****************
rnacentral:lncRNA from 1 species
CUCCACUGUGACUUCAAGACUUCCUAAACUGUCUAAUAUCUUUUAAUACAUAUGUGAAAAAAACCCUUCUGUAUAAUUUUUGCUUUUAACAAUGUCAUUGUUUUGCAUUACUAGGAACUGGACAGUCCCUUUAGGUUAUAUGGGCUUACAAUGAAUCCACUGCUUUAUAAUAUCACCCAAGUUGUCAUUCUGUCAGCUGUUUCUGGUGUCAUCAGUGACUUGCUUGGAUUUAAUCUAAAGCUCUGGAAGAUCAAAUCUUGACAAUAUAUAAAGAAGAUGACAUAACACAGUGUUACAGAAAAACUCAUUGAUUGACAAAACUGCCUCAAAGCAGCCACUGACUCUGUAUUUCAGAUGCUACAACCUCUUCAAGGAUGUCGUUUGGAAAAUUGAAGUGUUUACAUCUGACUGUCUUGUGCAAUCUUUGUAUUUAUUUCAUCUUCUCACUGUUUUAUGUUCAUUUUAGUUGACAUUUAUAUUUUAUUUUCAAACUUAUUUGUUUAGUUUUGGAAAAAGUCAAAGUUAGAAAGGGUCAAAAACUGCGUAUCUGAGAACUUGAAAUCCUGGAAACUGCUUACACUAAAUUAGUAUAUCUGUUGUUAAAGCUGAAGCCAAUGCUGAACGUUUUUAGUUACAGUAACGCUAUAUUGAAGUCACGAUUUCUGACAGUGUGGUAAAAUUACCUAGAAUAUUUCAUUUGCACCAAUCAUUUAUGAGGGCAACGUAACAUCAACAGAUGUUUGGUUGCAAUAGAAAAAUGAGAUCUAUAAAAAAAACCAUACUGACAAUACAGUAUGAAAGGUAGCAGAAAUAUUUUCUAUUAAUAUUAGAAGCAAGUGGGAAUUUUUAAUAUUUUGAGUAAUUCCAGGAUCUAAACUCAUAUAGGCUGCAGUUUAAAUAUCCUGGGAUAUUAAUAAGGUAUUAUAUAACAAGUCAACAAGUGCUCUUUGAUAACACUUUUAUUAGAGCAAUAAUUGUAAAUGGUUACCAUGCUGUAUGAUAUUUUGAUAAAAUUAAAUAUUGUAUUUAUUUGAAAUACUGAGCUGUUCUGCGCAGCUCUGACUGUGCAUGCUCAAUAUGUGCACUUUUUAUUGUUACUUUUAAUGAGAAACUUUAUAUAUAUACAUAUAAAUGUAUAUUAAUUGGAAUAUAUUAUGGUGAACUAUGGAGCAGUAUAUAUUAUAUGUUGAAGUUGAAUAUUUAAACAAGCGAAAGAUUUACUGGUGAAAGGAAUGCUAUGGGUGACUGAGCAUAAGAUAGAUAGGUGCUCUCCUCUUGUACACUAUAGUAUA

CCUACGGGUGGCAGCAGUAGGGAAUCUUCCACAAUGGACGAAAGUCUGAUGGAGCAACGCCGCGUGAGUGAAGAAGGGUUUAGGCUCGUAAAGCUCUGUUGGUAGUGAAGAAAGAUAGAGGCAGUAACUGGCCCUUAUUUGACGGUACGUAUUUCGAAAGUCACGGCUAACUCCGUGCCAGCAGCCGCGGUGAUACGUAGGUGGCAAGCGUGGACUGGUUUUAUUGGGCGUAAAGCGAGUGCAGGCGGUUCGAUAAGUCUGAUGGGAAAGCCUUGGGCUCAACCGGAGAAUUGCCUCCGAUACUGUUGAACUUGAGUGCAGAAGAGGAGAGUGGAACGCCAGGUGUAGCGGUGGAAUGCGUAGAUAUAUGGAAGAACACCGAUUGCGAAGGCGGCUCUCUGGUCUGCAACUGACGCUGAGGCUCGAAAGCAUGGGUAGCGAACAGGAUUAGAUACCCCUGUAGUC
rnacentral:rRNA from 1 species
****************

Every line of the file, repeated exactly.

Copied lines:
rnacentral:lncRNA from 1 species
CUCCACUGUGACUUCAAGACUUCCUAAACUGUCUAAUAUCUUUUAAUACAUAUGUGAAAAAAACCCUUCUGUAUAAUUUUUGCUUUUAACAAUGUCAUUGUUUUGCAUUACUAGGAACUGGACAGUCCCUUUAGGUUAUAUGGGCUUACAAUGAAUCCACUGCUUUAUAAUAUCACCCAAGUUGUCAUUCUGUCAGCUGUUUCUGGUGUCAUCAGUGACUUGCUUGGAUUUAAUCUAAAGCUCUGGAAGAUCAAAUCUUGACAAUAUAUAAAGAAGAUGACAUAACACAGUGUUACAGAAAAACUCAUUGAUUGACAAAACUGCCUCAAAGCAGCCACUGACUCUGUAUUUCAGAUGCUACAACCUCUUCAAGGAUGUCGUUUGGAAAAUUGAAGUGUUUACAUCUGACUGUCUUGUGCAAUCUUUGUAUUUAUUUCAUCUUCUCACUGUUUUAUGUUCAUUUUAGUUGACAUUUAUAUUUUAUUUUCAAACUUAUUUGUUUAGUUUUGGAAAAAGUCAAAGUUAGAAAGGGUCAAAAACUGCGUAUCUGAGAACUUGAAAUCCUGGAAACUGCUUACACUAAAUUAGUAUAUCUGUUGUUAAAGCUGAAGCCAAUGCUGAACGUUUUUAGUUACAGUAACGCUAUAUUGAAGUCACGAUUUCUGACAGUGUGGUAAAAUUACCUAGAAUAUUUCAUUUGCACCAAUCAUUUAUGAGGGCAACGUAACAUCAACAGAUGUUUGGUUGCAAUAGAAAAAUGAGAUCUAUAAAAAAAACCAUACUGACAAUACAGUAUGAAAGGUAGCAGAAAUAUUUUCUAUUAAUAUUAGAAGCAAGUGGGAAUUUUUAAUAUUUUGAGUAAUUCCAGGAUCUAAACUCAUAUAGGCUGCAGUUUAAAUAUCCUGGGAUAUUAAUAAGGUAUUAUAUAACAAGUCAACAAGUGCUCUUUGAUAACACUUUUAUUAGAGCAAUAAUUGUAAAUGGUUACCAUGCUGUAUGAUAUUUUGAUAAAAUUAAAUAUUGUAUUUAUUUGAAAUACUGAGCUGUUCUGCGCAGCUCUGACUGUGCAUGCUCAAUAUGUGCACUUUUUAUUGUUACUUUUAAUGAGAAACUUUAUAUAUAUACAUAUAAAUGUAUAUUAAUUGGAAUAUAUUAUGGUGAACUAUGGAGCAGUAUAUAUUAUAUGUUGAAGUUGAAUAUUUAAACAAGCGAAAGAUUUACUGGUGAAAGGAAUGCUAUGGGUGACUGAGCAUAAGAUAGAUAGGUGCUCUCCUCUUGUACACUAUAGUAUA

CCUACGGGUGGCAGCAGUAGGGAAUCUUCCACAAUGGACGAAAGUCUGAUGGAGCAACGCCGCGUGAGUGAAGAAGGGUUUAGGCUCGUAAAGCUCUGUUGGUAGUGAAGAAAGAUAGAGGCAGUAACUGGCCCUUAUUUGACGGUACGUAUUUCGAAAGUCACGGCUAACUCCGUGCCAGCAGCCGCGGUGAUACGUAGGUGGCAAGCGUGGACUGGUUUUAUUGGGCGUAAAGCGAGUGCAGGCGGUUCGAUAAGUCUGAUGGGAAAGCCUUGGGCUCAACCGGAGAAUUGCCUCCGAUACUGUUGAACUUGAGUGCAGAAGAGGAGAGUGGAACGCCAGGUGUAGCGGUGGAAUGCGUAGAUAUAUGGAAGAACACCGAUUGCGAAGGCGGCUCUCUGGUCUGCAACUGACGCUGAGGCUCGAAAGCAUGGGUAGCGAACAGGAUUAGAUACCCCUGUAGUC
rnacentral:rRNA from 1 species